Timing

 

One of the qualities that makes Zia Mahmood such a dangerous opponent is his sense of timing, particularly when it comes to unusual actions. Zia's decision on this deal helped Zia and his partner, Howard Weinstein, to a victory in the event by more than two boards.

 

                         Dlr: North, Vul: None

 

                            S  A Q

                            H  J 9 6 5

                            D  K 7 6 2

                            C  6 5 3

            S  10 8 4 3                     S  5 2

            H  8 7                          H  K Q 10 4 2

            D  A                            D  10 9 4 3

            C  K Q J 8 4 2                  C  10 9

                            S  K J 9 7 6

                            H  A 3

                            D  Q J 8 5

                            C  A 7

 

                WEST         NORTH         EAST         SOUTH

                 -         Weinstein        -           Zia

                 -           Pass          Pass         1S

                3C           Dbl           Pass         ?

 

Mere mortals would probably bid 3D with the South cards. Not Zia. He passed!

 

The defense was deadly accurate.

 

Weinstein led the SA and switched to the C6, an important choice of cards. Zia let dummy's C9 hold the trick. When declarer continued with a spade from dummy, Zia hopped up with the king, felling Weinstein's queen. When Zia cashed the CA, removing dummy's other trump, Weinstein followed with the C3. The echo indicated three trumps, so Zia had no problem cashing the SJ and giving his partner a spade ruff. Zia later collected the HA for plus 300 and 34 of 38 matchpoints.

 

Early endplay

 

On this deal, Howard Weinstein and Zia Mahmood didn't get to a sketchy game that just happens to make, but Weinstein managed to get a good result by accurate card reading.

 

                         Dlr: East, Vul: Both

 

                            S  10 7

                            H  J 10 9 4

                            D  J 9 7 4

                            C  Q 10 9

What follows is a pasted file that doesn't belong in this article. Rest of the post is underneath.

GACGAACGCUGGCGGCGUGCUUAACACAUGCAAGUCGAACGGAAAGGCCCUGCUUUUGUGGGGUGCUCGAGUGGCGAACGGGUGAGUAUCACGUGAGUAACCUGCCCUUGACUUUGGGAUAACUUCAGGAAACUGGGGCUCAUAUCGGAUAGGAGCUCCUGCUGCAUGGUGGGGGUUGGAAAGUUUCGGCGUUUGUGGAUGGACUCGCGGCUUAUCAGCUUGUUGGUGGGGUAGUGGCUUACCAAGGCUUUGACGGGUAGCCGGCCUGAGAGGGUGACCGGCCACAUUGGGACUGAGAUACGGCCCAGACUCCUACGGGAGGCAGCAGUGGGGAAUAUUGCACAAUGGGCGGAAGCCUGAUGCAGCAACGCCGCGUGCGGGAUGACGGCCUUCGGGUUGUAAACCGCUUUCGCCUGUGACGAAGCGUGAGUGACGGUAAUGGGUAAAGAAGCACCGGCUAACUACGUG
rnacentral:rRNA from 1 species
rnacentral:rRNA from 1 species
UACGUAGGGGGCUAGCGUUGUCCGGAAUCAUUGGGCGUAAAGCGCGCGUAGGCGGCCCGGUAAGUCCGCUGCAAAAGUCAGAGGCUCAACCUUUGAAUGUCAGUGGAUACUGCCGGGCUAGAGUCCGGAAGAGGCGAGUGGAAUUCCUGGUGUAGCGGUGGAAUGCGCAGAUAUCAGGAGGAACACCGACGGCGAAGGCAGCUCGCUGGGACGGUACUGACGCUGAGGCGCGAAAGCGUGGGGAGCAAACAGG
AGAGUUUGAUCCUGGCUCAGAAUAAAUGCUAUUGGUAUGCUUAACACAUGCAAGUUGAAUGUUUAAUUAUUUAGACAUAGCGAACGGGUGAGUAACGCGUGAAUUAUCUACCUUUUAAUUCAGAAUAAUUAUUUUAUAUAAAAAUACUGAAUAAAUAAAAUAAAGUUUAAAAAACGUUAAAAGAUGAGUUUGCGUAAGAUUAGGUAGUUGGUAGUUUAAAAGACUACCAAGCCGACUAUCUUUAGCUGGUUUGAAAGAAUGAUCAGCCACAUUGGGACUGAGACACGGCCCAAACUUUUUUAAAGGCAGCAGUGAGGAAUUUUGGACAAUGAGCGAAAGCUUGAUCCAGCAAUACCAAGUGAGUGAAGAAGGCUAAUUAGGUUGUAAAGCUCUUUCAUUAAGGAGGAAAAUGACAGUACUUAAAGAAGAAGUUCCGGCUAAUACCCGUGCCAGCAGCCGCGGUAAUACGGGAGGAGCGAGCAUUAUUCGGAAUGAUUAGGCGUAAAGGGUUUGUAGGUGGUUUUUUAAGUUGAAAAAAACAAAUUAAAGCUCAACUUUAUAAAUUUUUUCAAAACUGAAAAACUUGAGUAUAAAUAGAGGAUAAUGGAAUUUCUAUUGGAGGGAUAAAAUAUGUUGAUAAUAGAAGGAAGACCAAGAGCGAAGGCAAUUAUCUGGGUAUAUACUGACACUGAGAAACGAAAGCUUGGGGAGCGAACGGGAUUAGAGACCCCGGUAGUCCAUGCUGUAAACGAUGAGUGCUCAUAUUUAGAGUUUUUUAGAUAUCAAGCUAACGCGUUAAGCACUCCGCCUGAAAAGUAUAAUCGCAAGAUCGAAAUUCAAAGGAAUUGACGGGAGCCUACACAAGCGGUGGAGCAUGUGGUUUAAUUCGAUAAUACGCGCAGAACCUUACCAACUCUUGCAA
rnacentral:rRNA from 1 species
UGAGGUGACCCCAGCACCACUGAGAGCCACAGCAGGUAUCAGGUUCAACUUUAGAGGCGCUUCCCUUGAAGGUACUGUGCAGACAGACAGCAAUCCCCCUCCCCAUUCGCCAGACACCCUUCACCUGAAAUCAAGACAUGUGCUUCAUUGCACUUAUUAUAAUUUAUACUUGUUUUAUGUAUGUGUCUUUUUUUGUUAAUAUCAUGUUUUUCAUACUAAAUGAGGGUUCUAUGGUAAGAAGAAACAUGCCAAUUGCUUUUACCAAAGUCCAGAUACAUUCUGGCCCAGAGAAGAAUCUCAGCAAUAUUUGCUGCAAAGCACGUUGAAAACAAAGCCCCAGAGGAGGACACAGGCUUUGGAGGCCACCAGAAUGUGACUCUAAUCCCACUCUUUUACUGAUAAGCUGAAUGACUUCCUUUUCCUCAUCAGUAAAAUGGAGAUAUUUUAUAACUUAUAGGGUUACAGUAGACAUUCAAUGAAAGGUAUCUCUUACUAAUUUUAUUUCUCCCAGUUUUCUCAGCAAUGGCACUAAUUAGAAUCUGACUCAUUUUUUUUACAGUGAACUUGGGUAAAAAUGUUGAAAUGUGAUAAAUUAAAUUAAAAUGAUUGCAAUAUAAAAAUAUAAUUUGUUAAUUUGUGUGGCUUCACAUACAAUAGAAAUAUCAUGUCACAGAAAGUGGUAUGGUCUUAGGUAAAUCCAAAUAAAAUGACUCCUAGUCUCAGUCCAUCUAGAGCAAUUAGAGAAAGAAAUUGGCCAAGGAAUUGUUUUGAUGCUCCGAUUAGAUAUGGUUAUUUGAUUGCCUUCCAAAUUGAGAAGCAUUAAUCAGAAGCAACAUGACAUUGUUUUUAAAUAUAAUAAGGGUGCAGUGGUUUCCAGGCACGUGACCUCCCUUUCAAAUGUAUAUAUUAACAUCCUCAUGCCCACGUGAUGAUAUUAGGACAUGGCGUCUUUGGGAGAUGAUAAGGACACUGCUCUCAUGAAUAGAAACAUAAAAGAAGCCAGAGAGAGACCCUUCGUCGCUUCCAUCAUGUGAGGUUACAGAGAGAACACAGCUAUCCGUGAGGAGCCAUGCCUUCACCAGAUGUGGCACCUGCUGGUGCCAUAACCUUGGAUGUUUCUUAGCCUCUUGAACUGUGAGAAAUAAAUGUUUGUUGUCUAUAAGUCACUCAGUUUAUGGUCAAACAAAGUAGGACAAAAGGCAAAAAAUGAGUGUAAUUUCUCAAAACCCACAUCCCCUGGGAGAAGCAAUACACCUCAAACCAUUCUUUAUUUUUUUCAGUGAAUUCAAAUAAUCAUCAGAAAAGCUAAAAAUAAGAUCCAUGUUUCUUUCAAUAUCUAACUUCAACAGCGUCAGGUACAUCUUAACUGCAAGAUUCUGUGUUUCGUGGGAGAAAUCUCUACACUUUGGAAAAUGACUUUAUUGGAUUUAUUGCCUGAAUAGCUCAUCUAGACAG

S  4 3                          S  A K J 8 6 5

            H  A 7 6 5 3 2                  H  K Q

            D  6 5 2                        D  A Q 10 3

            C  6 3                          C  5

                            S  Q 9 2

                            H  8

                            D  K 8

                            C  A K J 8 7 4 2

 

                WEST         NORTH         EAST         SOUTH

                Zia           -          Weinstein       -

                 -            -            1S           2C

                Pass         Pass          Dbl          Pass

                2H           Pass          2S           All Pass

 

South led the CA and continued with the king. Weinstein ruffed and cashed the SA. He followed with the HK, noting the fall of the 8 from South (North played the jack). Weinstein then cashed the DA, noting the fall of another 8 from South.

 

Reading the cards accurately, Weinstein played a low diamond from his hand. South won but was down to all black cards. Rather than give Weinstein a ruff and sluff with the play of a club, South got out with a spade, perhaps hoping partner had the jack.

 

Weinstein won the SJ and could have taken the rest of the tricks on a red-suit squeeze against North even if he had not had a finesse position in diamonds.

 

Plus 200 was good for 26 of 38 matchpoints.

 

 

False pretenses

 

You can never tell what Zia Mahmood is going to do at the bridge table -- and he is one of the most creative players in the world. His falsecard on this deal helped Zia and Howard Weinstein win the event going away.

 

                         Dlr: West, Vul: None

 

                            S  7 3

                            H  A 9 8

                            D  K Q 3

                            C  A 8 7 5 4

           S  K Q 10 9 8 6                 S  A 4

           H  10 4                         H  Q 7 3

           D  7 5 2                        D  J 10 9

           C  Q 2                          C  K 10 9 6 3

                            S  J 5 2

                            H  K J 6 5 2

                            D  A 8 6 4

                            C  J

 

                WEST         NORTH         EAST         SOUTH

                 -         Weinstein        -           Zia

                2S           Dbl           Pass         4H

                All Pass

 

West started with the SK, overtaken by East with the ace. Back came a spade, and Zia deviously put up the SJ. When West continued with the S8, Zia saw an opportunity to greatly improve his chances in the heart game.

 

Zia knew that if he ruffed, reducing dummy to two trumps, East would overruff. Zia might still guess hearts, but he would not be able to do so and still have trump left in dummy to deal with diamonds in case the suit broke 4-2, which was likely.

 

Zia's solution was to play a diamond from dummy as though the spade card in his hand was going to win the trick. East, of course, was taken in and ruffed his partner's good S8. Because the opposing diamonds broke 3-3, Zia was going to make the game even if he ruffed in dummy, but his play could have made a difference.